Angelica Kauffman was ahead of her time—way ahead. Born in 1741, she built a hugely successful career as a painter, a feat undreamed of by almost every woman artist for another century and a half.
Kauffman was fortunate to have been born the daughter of a professional painter, one of the very few routes by which a woman might attempt a career as an artist (Learn more in this blog with quotes from women artists who were included in the Her Paris exhibition). Her father not only nurtured her prodigious talent, he brought her with him on his travels through Europe when she was in her teens. She was 18 when they arrived in Italy, and over the next few years she studied at the prestigious art academies in Florence and Rome.
Before long she was invited to paint portraits of the leading intellectuals of the day, including the antiquarian J. J. Winckelmann and Dr. John Morgan, founder of the medical school of the University of Pennsylvania. By the time she arrived in London, at age 25, she was an accomplished professional. And it was there, two years later, that she became one of only two women founding members of the Royal Academy of Arts, Britain’s first art academy.
Kauffman was in her mid-to-late 30s when she painted this picture in the Berger Collection. Papirius Praetextatus Entreated by His Mother depicts a mother and her son in ancient Roman dress in an interior with classical architectural details such as a massive stone column and a sculpture in the form of a sphinx. It’s a type of picture for which Kauffman had become famous—a narrative picture telling a story from ancient Roman literature and carrying a morally uplifting message.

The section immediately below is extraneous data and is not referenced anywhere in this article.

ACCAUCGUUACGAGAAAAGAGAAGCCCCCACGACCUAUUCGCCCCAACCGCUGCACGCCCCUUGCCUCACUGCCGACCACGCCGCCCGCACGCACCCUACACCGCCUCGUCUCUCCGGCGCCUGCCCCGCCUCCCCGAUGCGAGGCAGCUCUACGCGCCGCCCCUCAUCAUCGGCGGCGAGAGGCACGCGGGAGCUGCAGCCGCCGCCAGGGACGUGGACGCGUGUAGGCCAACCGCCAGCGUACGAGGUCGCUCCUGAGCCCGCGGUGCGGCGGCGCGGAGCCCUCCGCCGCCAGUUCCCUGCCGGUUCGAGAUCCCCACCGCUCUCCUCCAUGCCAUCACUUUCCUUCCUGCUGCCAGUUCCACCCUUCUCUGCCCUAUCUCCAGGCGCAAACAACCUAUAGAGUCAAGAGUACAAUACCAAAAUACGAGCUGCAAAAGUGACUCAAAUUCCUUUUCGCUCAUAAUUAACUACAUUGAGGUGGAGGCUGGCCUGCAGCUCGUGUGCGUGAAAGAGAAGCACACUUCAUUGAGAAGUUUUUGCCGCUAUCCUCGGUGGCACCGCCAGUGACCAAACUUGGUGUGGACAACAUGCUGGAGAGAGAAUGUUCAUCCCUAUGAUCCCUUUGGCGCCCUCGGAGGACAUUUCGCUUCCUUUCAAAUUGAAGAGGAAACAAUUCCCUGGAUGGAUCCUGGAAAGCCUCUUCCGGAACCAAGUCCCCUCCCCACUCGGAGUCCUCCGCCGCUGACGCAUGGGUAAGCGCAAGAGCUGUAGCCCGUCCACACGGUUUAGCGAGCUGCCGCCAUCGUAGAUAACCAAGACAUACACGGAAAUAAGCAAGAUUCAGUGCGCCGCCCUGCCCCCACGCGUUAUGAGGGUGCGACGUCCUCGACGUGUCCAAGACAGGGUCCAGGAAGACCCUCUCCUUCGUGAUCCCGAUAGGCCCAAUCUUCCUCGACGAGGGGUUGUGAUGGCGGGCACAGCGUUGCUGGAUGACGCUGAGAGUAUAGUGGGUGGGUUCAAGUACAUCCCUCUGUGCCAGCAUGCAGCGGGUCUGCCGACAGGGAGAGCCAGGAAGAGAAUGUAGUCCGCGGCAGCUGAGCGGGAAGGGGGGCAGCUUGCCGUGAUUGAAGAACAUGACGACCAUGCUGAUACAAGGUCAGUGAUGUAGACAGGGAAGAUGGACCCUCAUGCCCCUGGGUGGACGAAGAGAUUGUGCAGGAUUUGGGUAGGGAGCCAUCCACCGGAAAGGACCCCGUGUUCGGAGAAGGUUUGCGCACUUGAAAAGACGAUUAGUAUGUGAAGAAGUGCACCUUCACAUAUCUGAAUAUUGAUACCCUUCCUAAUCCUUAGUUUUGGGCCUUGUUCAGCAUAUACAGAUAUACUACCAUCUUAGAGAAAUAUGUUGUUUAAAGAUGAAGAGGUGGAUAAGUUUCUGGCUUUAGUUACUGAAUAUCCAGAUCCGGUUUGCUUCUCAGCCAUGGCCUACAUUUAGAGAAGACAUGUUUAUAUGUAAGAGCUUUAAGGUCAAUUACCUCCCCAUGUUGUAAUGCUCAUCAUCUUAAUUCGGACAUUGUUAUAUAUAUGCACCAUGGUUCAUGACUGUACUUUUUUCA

See this painting by Angelica Kauffman and other works in Treasures of British Art: The Berger Collection on level two of the Hamilton Building. On view through January 5, 2020.
Here the picture is an allegory on the virtues of loyalty to one’s government. According to the story, the boy has been admitted to the Roman Senate, from which women were barred, and his mother is eager to hear what he learned of their secret proceedings. She pleads with him and he resists, telling her a lie instead, but thereby winning the favor of the senators. (In ancient Rome it was better to lie to your mother than to the government!)
Educated viewers of Kauffman’s day might have known the story, and we can assume the patron who commissioned the painting likely knew its details. But for modern viewers, even with an accompanying text, the picture is a mystery. The interplay of the figures seems to be the subject of the picture, with the actual narrative merely a vehicle for telling the story of a mother’s love for her son.
Kauffman focuses our attention on their gestures. The mother leans toward her son, bringing her face close to his while touching his chin and holding his hand in hers. The boy returns his mother’s gaze but signals his unwillingness to divulge the secret by his raised hand. For the artist, unmarried and childless in her 30s, this painting might have served as a wish fulfillment for a still-young woman longing to have a child. (When she was 40 she married the much-older Italian painter Antonio Zucchi, but they had no children.)
The pictorial subject of mother and son posed in close emotional dialogue as in this picture evidently held particular meaning for Kauffman because she repeated it in several pictures of the 1770s and 1780s.